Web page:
Fillet Between Body Tubes

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That's fine. Add another bead to fill in the bubbled spots, or if it's strong enough already use some Bondo. It's lighter and easier.
Use white glue to fill gaps. Spread the glue along the fillet using a plastic spoon or finger. Let it dry. It may take 1 or 2 applications to fill the gaps.
Yellow glue like that is actually a good first layer, to soak all the way into the joint. But don't ever expect it to end up smooth (this is also standard behavior when filleting launch lugs); it will *always* bubble like that.

My approach is to start with a light fillet of yellow glue (not too much) and then follow up with Quick and Thick. Even the Q&T can bubble (although much less than the regular stuff), so a second small application may be necessary to achieve maximum smoothness.
I find, if I run a thin bead of glue into the joint and run a toothpick or kebab skewer (depending on the width of the gap) down the joint, twisting the toothpick as I go. It seems to push the glue down, into and onto the slope of the bevel between the tubes. Doing this doesn't eliminate the voids created by air trapped in the groove, under the glue, but seems to reduce it quite a bit. I'll add another layer or two on top of that until I'm satisfied. For adhesives, I mainly use Gorilla Wood Glue and either Elmer's White or TBII.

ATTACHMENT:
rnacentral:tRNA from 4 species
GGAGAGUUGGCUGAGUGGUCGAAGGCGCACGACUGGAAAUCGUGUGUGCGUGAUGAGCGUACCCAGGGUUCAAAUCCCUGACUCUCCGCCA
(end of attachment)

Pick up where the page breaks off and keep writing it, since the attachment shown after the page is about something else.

After a layer or two of yellow glue like you have, I'll fill with minwax wood filler to smooth it out.

On larger rockets, 5 or 10 min epoxy applied early to a horizontal fillet will settle into a nice smooth shape.
How would you get epoxy in there without making a mess? Wouldn’t epoxy be too thick for a syringe?
Yes, it would be too thick for a syringe. I tried it. Once.

I use a piece of scrap, or small popsicle stick to drip it into the crevice. That's why I say to apply it "early" before it starts to thicken. Have keep the fillet horizontal too. Once I've dripped it in there a fair amount, I'll run my littlest finger along the crevice, which pushes it further into the crevice, evens it out, and pushes some epoxy up the sides of the tubes a bit. Wipe off my finger. Then use a larger finger to run along again and smooth out the edges on the tubes into a nice smooth edge transition. Let it sit horizontal for a while. Keep an eye on the ends, especially for larger fillets. The epoxy is still fluid, and could sag or drip from the ends. Just smooth it back with your finger every few minutes as needed. After it dries, it usually just takes a little sanding to touch it up. If I'm sloppy, I might have to add a little wood filler on the edges to fair it out better.

But honestly, while your original picture might look a little ugly, it should be stronger than the cardboard tubes themselves. I've never had a glue joint break apart. The material around the glue maybe, but not the glue itself. So at this point, you're looking at a cosmetic problem. Fill it smooth with anything you like, sand and move on.
Not at all. I use epoxy in a syringe a lot.
I guess that depends upon the epoxy and the syringe. 😂

I tried some I got at a hobby store and it wasn't helpful. But I did use a couple of the JB weld epoxy self mixing syringes when putting some fillets on my King Kraken. (Couldn't get my littlest finger in there for all of them!) But those things are an expensive way to do epoxy, so I wouldn't do it regularly.


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